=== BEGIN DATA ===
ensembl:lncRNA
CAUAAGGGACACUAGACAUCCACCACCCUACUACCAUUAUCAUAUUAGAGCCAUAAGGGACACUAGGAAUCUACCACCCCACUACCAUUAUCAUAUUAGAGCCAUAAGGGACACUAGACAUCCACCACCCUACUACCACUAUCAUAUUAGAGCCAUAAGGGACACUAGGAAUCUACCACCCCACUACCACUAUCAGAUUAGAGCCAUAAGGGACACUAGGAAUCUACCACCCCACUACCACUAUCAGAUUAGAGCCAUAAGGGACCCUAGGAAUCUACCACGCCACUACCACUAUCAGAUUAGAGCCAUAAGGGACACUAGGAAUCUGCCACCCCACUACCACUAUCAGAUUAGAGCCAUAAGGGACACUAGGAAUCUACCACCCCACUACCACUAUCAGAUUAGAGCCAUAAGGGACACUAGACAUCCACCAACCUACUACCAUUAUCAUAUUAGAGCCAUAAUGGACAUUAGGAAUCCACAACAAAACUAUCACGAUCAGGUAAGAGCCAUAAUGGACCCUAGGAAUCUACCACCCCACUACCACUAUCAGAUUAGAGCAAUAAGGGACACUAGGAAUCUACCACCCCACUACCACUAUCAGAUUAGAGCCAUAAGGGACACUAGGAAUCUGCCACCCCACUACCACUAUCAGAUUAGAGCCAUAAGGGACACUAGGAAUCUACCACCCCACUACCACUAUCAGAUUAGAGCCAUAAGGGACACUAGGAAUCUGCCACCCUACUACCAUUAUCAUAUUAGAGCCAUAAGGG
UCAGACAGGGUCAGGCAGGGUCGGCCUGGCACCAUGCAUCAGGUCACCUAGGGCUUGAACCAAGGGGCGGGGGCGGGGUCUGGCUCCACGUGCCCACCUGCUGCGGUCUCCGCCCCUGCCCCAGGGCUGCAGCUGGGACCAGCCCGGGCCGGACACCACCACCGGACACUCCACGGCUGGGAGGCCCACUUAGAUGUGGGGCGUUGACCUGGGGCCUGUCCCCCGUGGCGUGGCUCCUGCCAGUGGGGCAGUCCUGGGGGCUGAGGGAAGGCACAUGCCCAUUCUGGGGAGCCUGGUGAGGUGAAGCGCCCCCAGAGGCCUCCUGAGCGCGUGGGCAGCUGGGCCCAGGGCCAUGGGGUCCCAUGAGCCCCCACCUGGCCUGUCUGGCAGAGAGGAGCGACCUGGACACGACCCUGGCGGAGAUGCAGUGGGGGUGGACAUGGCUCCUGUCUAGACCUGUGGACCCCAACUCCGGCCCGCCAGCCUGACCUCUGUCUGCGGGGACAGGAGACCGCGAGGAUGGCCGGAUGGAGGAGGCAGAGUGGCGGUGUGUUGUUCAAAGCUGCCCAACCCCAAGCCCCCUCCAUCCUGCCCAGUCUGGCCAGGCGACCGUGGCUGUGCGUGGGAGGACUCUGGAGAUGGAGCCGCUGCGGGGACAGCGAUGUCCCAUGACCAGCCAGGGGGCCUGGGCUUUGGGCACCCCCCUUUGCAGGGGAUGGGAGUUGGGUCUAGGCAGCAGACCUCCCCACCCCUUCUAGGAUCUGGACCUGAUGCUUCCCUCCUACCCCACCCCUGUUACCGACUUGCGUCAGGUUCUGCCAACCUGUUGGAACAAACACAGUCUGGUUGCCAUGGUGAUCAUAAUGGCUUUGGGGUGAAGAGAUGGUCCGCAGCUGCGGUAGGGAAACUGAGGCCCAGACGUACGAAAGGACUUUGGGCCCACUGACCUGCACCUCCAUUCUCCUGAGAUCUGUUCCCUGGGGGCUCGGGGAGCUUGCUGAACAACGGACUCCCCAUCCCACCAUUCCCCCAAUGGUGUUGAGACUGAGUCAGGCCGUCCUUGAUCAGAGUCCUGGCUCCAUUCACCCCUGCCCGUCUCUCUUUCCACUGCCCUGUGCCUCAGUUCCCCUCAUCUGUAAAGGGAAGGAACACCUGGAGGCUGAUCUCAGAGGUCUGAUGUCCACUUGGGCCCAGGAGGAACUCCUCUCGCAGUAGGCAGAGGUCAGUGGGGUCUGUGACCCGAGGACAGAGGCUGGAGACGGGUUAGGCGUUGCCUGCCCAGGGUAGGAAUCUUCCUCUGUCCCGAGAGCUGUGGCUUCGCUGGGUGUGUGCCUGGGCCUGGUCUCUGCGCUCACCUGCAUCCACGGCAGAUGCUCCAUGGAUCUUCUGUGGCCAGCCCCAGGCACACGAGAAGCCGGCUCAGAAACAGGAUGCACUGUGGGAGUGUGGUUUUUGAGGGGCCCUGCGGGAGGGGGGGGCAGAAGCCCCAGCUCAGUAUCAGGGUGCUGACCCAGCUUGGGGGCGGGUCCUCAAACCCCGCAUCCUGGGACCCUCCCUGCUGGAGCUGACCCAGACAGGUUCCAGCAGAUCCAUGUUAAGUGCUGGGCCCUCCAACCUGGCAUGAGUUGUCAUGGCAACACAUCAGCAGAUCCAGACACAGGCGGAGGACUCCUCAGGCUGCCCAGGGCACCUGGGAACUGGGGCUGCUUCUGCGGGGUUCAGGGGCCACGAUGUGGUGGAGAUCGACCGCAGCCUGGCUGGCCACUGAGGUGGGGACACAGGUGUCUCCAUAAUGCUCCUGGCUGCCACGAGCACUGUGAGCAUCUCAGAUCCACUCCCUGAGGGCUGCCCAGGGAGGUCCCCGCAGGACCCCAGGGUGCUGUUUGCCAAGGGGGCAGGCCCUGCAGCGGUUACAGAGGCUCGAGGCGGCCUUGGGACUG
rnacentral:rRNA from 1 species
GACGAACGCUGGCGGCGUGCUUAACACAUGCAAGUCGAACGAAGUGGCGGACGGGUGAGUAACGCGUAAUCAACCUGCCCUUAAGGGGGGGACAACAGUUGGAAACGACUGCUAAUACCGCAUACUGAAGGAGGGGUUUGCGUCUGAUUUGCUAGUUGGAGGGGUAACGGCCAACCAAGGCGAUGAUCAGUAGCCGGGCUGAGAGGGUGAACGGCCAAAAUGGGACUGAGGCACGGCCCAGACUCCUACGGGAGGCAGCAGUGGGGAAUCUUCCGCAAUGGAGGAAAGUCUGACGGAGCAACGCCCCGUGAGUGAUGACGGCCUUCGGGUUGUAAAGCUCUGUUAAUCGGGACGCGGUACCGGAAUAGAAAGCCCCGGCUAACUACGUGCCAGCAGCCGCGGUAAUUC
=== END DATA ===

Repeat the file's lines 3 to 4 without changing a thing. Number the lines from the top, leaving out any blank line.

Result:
UCAGACAGGGUCAGGCAGGGUCGGCCUGGCACCAUGCAUCAGGUCACCUAGGGCUUGAACCAAGGGGCGGGGGCGGGGUCUGGCUCCACGUGCCCACCUGCUGCGGUCUCCGCCCCUGCCCCAGGGCUGCAGCUGGGACCAGCCCGGGCCGGACACCACCACCGGACACUCCACGGCUGGGAGGCCCACUUAGAUGUGGGGCGUUGACCUGGGGCCUGUCCCCCGUGGCGUGGCUCCUGCCAGUGGGGCAGUCCUGGGGGCUGAGGGAAGGCACAUGCCCAUUCUGGGGAGCCUGGUGAGGUGAAGCGCCCCCAGAGGCCUCCUGAGCGCGUGGGCAGCUGGGCCCAGGGCCAUGGGGUCCCAUGAGCCCCCACCUGGCCUGUCUGGCAGAGAGGAGCGACCUGGACACGACCCUGGCGGAGAUGCAGUGGGGGUGGACAUGGCUCCUGUCUAGACCUGUGGACCCCAACUCCGGCCCGCCAGCCUGACCUCUGUCUGCGGGGACAGGAGACCGCGAGGAUGGCCGGAUGGAGGAGGCAGAGUGGCGGUGUGUUGUUCAAAGCUGCCCAACCCCAAGCCCCCUCCAUCCUGCCCAGUCUGGCCAGGCGACCGUGGCUGUGCGUGGGAGGACUCUGGAGAUGGAGCCGCUGCGGGGACAGCGAUGUCCCAUGACCAGCCAGGGGGCCUGGGCUUUGGGCACCCCCCUUUGCAGGGGAUGGGAGUUGGGUCUAGGCAGCAGACCUCCCCACCCCUUCUAGGAUCUGGACCUGAUGCUUCCCUCCUACCCCACCCCUGUUACCGACUUGCGUCAGGUUCUGCCAACCUGUUGGAACAAACACAGUCUGGUUGCCAUGGUGAUCAUAAUGGCUUUGGGGUGAAGAGAUGGUCCGCAGCUGCGGUAGGGAAACUGAGGCCCAGACGUACGAAAGGACUUUGGGCCCACUGACCUGCACCUCCAUUCUCCUGAGAUCUGUUCCCUGGGGGCUCGGGGAGCUUGCUGAACAACGGACUCCCCAUCCCACCAUUCCCCCAAUGGUGUUGAGACUGAGUCAGGCCGUCCUUGAUCAGAGUCCUGGCUCCAUUCACCCCUGCCCGUCUCUCUUUCCACUGCCCUGUGCCUCAGUUCCCCUCAUCUGUAAAGGGAAGGAACACCUGGAGGCUGAUCUCAGAGGUCUGAUGUCCACUUGGGCCCAGGAGGAACUCCUCUCGCAGUAGGCAGAGGUCAGUGGGGUCUGUGACCCGAGGACAGAGGCUGGAGACGGGUUAGGCGUUGCCUGCCCAGGGUAGGAAUCUUCCUCUGUCCCGAGAGCUGUGGCUUCGCUGGGUGUGUGCCUGGGCCUGGUCUCUGCGCUCACCUGCAUCCACGGCAGAUGCUCCAUGGAUCUUCUGUGGCCAGCCCCAGGCACACGAGAAGCCGGCUCAGAAACAGGAUGCACUGUGGGAGUGUGGUUUUUGAGGGGCCCUGCGGGAGGGGGGGGCAGAAGCCCCAGCUCAGUAUCAGGGUGCUGACCCAGCUUGGGGGCGGGUCCUCAAACCCCGCAUCCUGGGACCCUCCCUGCUGGAGCUGACCCAGACAGGUUCCAGCAGAUCCAUGUUAAGUGCUGGGCCCUCCAACCUGGCAUGAGUUGUCAUGGCAACACAUCAGCAGAUCCAGACACAGGCGGAGGACUCCUCAGGCUGCCCAGGGCACCUGGGAACUGGGGCUGCUUCUGCGGGGUUCAGGGGCCACGAUGUGGUGGAGAUCGACCGCAGCCUGGCUGGCCACUGAGGUGGGGACACAGGUGUCUCCAUAAUGCUCCUGGCUGCCACGAGCACUGUGAGCAUCUCAGAUCCACUCCCUGAGGGCUGCCCAGGGAGGUCCCCGCAGGACCCCAGGGUGCUGUUUGCCAAGGGGGCAGGCCCUGCAGCGGUUACAGAGGCUCGAGGCGGCCUUGGGACUG
rnacentral:rRNA from 1 species